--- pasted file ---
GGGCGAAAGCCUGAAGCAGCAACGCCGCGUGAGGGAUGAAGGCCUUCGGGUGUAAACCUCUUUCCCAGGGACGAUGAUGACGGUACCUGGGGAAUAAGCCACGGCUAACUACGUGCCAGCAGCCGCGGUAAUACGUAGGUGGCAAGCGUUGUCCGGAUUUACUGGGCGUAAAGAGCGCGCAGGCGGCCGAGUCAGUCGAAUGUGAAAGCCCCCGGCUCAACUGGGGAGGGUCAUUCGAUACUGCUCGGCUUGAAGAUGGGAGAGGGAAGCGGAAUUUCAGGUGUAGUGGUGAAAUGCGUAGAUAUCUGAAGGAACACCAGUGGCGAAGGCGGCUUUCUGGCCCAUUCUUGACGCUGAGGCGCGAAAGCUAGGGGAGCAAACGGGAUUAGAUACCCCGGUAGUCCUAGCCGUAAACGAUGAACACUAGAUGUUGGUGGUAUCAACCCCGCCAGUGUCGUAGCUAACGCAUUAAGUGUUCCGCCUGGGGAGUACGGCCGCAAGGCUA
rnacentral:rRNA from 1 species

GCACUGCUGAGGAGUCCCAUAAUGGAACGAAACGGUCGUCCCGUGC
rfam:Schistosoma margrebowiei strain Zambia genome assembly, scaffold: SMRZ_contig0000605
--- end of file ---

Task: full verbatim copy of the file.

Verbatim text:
GGGCGAAAGCCUGAAGCAGCAACGCCGCGUGAGGGAUGAAGGCCUUCGGGUGUAAACCUCUUUCCCAGGGACGAUGAUGACGGUACCUGGGGAAUAAGCCACGGCUAACUACGUGCCAGCAGCCGCGGUAAUACGUAGGUGGCAAGCGUUGUCCGGAUUUACUGGGCGUAAAGAGCGCGCAGGCGGCCGAGUCAGUCGAAUGUGAAAGCCCCCGGCUCAACUGGGGAGGGUCAUUCGAUACUGCUCGGCUUGAAGAUGGGAGAGGGAAGCGGAAUUUCAGGUGUAGUGGUGAAAUGCGUAGAUAUCUGAAGGAACACCAGUGGCGAAGGCGGCUUUCUGGCCCAUUCUUGACGCUGAGGCGCGAAAGCUAGGGGAGCAAACGGGAUUAGAUACCCCGGUAGUCCUAGCCGUAAACGAUGAACACUAGAUGUUGGUGGUAUCAACCCCGCCAGUGUCGUAGCUAACGCAUUAAGUGUUCCGCCUGGGGAGUACGGCCGCAAGGCUA
rnacentral:rRNA from 1 species

GCACUGCUGAGGAGUCCCAUAAUGGAACGAAACGGUCGUCCCGUGC
rfam:Schistosoma margrebowiei strain Zambia genome assembly, scaffold: SMRZ_contig0000605